PRIVATE India (PI) - The plot (I promise - no spoilers)

When visiting Thai surgeon, Kanya Jaiyen,  is found strangled to death in the bathroom of the posh Marine Bay Plaza in Mumbai, Private India (PI), the Indian branch of the exclusive Private Worldwide, is asked to investigate. Working alongside the police department, PI, led by the brilliantly perceptive Santosh Wagh (whose fondness for alcohol reminds me constantly of Dr. Gregory House, M.D from the American medical drama HOUSE) and his elite team consisting of ravishing ex-cop Nisha Gandhe, the meticulous medical expert Mubeen Yusuf and muscularly-built technology geek Hari Padhi, are determined to crack the case before it's too late. However the killer soon strikes again and leaves little clues behind with the corpses, thereby enabling the PI team to deduce a pattern. With a couple of shorter sub-plots seamlessly weaved in, Private India is definitely a page turner that you will struggle to put down.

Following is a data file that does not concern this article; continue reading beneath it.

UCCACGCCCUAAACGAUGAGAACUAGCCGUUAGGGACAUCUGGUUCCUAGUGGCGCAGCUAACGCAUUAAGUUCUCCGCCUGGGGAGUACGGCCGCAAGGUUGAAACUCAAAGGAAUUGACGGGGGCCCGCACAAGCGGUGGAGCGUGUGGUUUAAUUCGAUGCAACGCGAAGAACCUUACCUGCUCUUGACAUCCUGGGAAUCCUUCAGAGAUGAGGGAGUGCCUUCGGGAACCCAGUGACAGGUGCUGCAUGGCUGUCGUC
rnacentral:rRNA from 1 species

The Positives

Private India is exceptionally fast-paced and a thriller in its truest sense. At no point, did I lose focus nor find my attention wandering. And for someone like me, who often struggles to be attentive, that's a big plus point. Sanghi’s exhaustive research and historical knowhow is what makes the story and the city of Mumbai come alive for the reader. Throughout the book we come across familiar Mumbai landmarks and the vivid descriptions ensure that you picture them perfectly in your mind. The language is simple yet effective and largely un-marred by useless flowery references and comparisons. The authors have also managed to incorporate “present day topics and locations” into the story line almost effortlessly - such as ISI, the 2006 Mumbai bombings, Shakti Mills and so on. Overall, the collaboration gives an otherwise typical James Patterson thriller, a much-refreshing "desi-tadka", which will hopefully pave the way for more collaborative projects between Indian and Western authors.